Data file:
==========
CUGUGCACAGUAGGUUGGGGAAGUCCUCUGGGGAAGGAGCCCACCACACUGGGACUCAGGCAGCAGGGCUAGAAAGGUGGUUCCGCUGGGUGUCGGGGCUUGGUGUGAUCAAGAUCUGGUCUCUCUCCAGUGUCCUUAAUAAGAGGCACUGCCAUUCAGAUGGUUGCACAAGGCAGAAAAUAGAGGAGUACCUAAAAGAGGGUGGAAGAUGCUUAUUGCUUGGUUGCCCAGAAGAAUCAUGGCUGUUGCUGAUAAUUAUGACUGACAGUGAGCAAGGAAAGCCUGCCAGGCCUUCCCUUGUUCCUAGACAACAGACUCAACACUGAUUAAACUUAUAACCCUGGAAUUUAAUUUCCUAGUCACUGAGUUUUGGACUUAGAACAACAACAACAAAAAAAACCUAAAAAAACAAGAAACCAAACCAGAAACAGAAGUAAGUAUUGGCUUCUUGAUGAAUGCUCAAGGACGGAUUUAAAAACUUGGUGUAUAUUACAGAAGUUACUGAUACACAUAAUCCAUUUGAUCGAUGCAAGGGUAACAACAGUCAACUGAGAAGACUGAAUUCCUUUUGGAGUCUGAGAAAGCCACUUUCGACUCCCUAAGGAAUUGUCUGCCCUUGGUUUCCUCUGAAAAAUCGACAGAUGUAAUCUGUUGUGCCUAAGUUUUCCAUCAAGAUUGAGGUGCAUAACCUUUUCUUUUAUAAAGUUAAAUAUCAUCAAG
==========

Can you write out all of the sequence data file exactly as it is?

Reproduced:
CUGUGCACAGUAGGUUGGGGAAGUCCUCUGGGGAAGGAGCCCACCACACUGGGACUCAGGCAGCAGGGCUAGAAAGGUGGUUCCGCUGGGUGUCGGGGCUUGGUGUGAUCAAGAUCUGGUCUCUCUCCAGUGUCCUUAAUAAGAGGCACUGCCAUUCAGAUGGUUGCACAAGGCAGAAAAUAGAGGAGUACCUAAAAGAGGGUGGAAGAUGCUUAUUGCUUGGUUGCCCAGAAGAAUCAUGGCUGUUGCUGAUAAUUAUGACUGACAGUGAGCAAGGAAAGCCUGCCAGGCCUUCCCUUGUUCCUAGACAACAGACUCAACACUGAUUAAACUUAUAACCCUGGAAUUUAAUUUCCUAGUCACUGAGUUUUGGACUUAGAACAACAACAACAAAAAAAACCUAAAAAAACAAGAAACCAAACCAGAAACAGAAGUAAGUAUUGGCUUCUUGAUGAAUGCUCAAGGACGGAUUUAAAAACUUGGUGUAUAUUACAGAAGUUACUGAUACACAUAAUCCAUUUGAUCGAUGCAAGGGUAACAACAGUCAACUGAGAAGACUGAAUUCCUUUUGGAGUCUGAGAAAGCCACUUUCGACUCCCUAAGGAAUUGUCUGCCCUUGGUUUCCUCUGAAAAAUCGACAGAUGUAAUCUGUUGUGCCUAAGUUUUCCAUCAAGAUUGAGGUGCAUAACCUUUUCUUUUAUAAAGUUAAAUAUCAUCAAG